Just read carefully when getting a quote and filling out the information, the last thing you do is want to leave the accident off then they're asking about the last 5 years.

    And just out of curiosity, even though you haven't been driving the past 4 years, have you at least had insurance (like on a parent's policy so you could borrow and drive their cars?) Not having insurance for the past 4 years might hurt you more in terms of cost than the accident. Insurance companies like long, accident free driving histories. Sounds like you have a very short (1-2 years I'm guessing?) driving history with an accident.
     
  8. prosoptomist thread starter macrumors newbie

    Joined:
    Dec 18, 2011
    #8
    That's right. I had gotten off family insurance the following summer after. So I had a little over a year's worth of a driving record.

    Suppose I go with an insurance that asks for the last 3 years. How would costs for my insurance be higher if I had no car insurance during my four years in college?
     
  9. heehee macrumors 68020

    heehee

    Joined:
    Jul 31, 2006
    Location:
    Same country as Santa Claus
    #9
    Not having insurance means you haven't driven much, which means inexperience driver to insurance companies. Just call various insurance companies and ask for a quote. Just tell them enough information when asked and not more, but do not lie. No harm in calling for a quote but make sure you call multiple companies.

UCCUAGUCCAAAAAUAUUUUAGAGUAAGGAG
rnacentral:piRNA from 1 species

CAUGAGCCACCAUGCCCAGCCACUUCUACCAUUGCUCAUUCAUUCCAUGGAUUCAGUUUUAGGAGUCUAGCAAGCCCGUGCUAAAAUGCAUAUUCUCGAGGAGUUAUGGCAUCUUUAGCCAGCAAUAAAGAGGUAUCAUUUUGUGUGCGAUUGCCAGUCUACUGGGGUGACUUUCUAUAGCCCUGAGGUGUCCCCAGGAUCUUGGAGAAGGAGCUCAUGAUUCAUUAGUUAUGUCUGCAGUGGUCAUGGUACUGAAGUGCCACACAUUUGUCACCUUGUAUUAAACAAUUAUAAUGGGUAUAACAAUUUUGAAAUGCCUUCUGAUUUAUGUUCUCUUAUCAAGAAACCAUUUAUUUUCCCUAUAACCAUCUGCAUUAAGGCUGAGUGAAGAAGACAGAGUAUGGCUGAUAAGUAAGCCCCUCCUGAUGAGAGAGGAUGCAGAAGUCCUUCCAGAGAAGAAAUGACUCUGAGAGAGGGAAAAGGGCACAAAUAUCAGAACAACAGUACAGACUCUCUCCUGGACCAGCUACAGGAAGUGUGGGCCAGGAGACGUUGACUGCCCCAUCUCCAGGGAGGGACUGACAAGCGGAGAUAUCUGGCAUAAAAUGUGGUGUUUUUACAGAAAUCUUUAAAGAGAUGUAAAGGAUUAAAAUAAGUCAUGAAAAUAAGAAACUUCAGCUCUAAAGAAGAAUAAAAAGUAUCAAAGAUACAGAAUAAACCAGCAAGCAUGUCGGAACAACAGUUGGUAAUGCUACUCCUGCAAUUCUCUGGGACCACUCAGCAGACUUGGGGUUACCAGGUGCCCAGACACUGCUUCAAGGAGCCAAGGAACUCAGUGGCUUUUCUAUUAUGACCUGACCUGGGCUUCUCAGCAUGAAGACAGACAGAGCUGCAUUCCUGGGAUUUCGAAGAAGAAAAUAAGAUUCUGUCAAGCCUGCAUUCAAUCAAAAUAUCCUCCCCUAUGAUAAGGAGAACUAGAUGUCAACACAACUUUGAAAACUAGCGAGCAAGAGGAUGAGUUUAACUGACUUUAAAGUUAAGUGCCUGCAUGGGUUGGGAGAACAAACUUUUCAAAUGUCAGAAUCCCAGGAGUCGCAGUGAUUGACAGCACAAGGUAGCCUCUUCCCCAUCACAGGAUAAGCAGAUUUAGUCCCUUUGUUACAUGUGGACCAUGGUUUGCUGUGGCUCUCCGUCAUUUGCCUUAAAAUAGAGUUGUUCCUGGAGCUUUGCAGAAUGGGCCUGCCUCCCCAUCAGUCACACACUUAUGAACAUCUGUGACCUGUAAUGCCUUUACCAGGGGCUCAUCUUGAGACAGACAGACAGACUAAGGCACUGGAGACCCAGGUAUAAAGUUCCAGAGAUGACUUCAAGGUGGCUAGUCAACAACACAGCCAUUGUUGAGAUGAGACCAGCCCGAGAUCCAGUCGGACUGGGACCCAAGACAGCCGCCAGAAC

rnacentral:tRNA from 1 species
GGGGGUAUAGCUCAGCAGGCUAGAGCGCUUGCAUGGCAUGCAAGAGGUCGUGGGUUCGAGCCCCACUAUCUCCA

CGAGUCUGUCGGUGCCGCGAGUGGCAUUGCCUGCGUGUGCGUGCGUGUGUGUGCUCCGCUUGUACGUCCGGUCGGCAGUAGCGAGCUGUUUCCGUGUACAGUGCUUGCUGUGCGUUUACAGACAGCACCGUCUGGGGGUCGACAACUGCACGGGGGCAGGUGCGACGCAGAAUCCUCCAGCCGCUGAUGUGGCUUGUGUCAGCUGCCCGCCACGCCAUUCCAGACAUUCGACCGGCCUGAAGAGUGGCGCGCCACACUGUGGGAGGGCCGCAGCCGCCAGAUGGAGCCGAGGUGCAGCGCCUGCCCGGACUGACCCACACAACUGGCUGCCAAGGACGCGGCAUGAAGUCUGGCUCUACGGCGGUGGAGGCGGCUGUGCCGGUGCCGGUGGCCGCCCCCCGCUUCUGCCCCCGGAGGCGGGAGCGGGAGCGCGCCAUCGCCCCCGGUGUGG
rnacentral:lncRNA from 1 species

10. OneMike macrumors 601

    OneMike

    Joined:
    Oct 19, 2005
    #10
    Speaking on Progressive I know they generally go back 3 years.

    In addition to your young age one important thing is the type of car you'll be driving.

    If it's a sports car that'll boost your rates up. If it's a newer car, that'll cost more as well.

    When I first put insurance in my name I went with esurance. A year later and going forward progressive has best rates.

    Online quotes are great, just make sure you go far enough in the process. They give the initial quote which may seem great. They don't always pull your record at that point though which could change rate.
     
  11. smithrh macrumors 68020

    smithrh

    Joined:
    Feb 28, 2009
    #11
    Being a college graduate will help - if you got good grades that may also help.

    Be *very* careful about saying 'no' to accidents. Here's why: if you (unwittingly or otherwise) lie on your application, you don't actually have insurance.

    Oh, you'll *think* you have insurance because you're paying a premium. But as soon as you get to a claim, they'll scrutinize everything about you, including what you put down on your app.

    If they find a lie on the app, what they'll do is refund your premiums and tell you to have a nice day. You will have just given them an opportunity - which they will most certainly take - to not pay any claim whatsoever. Your "lie" on the app will constitute material breach of contract.